Monday, December 10, 2007

Asian Cucumber Ribbon Salad (Page 142)

  • Date: Saturday, December 8, 2007 -- 7pm
  • Location: Bloomington, IN
  • Kitchen: My Apartment
  • Dining Companions: Tricia, Mike M, Teresa, and Cornelia
  • Recipe Rating: B


I chose this cucumber salad to accompany dinner on Saturday because the dressing had some of the same flavors as the other courses of our meal. It was fine: neither outstanding nor objectionable. The dressing was a simple mix of rice vinegar, sugar, soy sauce and sesame oil. Those ingredients work well together, but the balance was a tad off. The vinegar overpowered the flavors of both the soy sauce and the sesame oil, so there wasn't much depth or contrast to the dressing. It essentially tasted like cucumbers in vinegar, which, it turns out, doesn't taste so bad. It could have been better though, with a more balanced dressing. I also would have preferred to have some thinly sliced carrots (or one of a variety of other vegetables) to accompany the cucumber. Overall though, it was simple and refreshing, and tasted just fine. I probably won't make it again, but I enjoyed eating it well enough.

Here is the recipe.

This recipe called for the use of a mandoline, which always scares me a bit. My friend Norma lost the tip of her finger on a mandoline while in culinary school. She was rushed off to the hospital, and I am told there was a lot of blood. Fortunately I was not there to witness that accident. Surprisingly, the whole time I was in culinary school there were only two people taken away to the hospital while I was in the building. First, one of the teaching assistants cut off part of her finger with a chef's knife. She was cutting, of all things, butter. In the industry butter comes not in sticks that weigh a quarter of a pound, but rather in one pound sticks. So they are pretty big. The knife was dull and it slipped... you can imagine the rest.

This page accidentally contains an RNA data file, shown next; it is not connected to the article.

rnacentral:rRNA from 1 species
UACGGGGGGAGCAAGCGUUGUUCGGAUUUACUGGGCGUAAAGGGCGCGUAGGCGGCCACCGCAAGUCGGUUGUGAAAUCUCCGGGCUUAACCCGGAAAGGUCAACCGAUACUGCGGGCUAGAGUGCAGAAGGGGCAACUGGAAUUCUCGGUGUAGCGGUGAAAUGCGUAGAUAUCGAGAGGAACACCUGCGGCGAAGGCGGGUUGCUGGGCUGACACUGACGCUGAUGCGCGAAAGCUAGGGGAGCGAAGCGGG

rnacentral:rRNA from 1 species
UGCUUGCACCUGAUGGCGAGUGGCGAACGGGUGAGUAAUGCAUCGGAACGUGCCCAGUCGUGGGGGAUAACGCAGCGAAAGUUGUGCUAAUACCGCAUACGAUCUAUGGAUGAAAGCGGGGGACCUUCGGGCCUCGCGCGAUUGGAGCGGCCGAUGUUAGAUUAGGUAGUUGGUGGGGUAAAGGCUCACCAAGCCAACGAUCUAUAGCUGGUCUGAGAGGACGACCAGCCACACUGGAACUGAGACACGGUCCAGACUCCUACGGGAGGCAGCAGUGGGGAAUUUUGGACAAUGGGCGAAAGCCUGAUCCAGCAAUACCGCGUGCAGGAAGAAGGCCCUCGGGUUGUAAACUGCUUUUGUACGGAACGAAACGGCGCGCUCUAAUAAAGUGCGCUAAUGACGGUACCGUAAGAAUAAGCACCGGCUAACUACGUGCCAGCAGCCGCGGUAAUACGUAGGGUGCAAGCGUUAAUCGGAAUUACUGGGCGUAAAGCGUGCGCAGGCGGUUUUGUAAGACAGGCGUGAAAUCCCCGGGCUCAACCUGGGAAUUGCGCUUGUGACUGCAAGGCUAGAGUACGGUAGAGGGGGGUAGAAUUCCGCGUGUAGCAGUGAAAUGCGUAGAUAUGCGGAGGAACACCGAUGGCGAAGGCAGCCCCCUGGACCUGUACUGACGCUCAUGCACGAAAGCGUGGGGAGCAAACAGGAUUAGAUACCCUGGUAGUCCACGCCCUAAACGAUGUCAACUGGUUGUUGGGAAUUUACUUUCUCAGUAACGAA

The other "injury" was much more dramatic. It was on a "Fish and Shellfish" day. Many of us had been cooking lobster in one form or another, and someone had made lobster bisque. One of the students in my class had never eaten lobster before. The chef insisted that she taste and critique the bisque. She didn't like it, so she only had a bite or two. Twenty minutes later she was covered in hives and gasping for air. It turns out she has a very severe allergy to lobster. Lobster bisque is the worst thing to eat if you have a lobster allergy because the lobster meat is cooked with crushed up lobster shells, and I am told that is an extra-bad thing for those who are allergic. She was rushed to the emergency room, where they told her that if she had eaten the whole bowl she could have died before help would have arrived. Oh dear!

So I am careful near knives and mandolines and any shellfish I have never eaten before!

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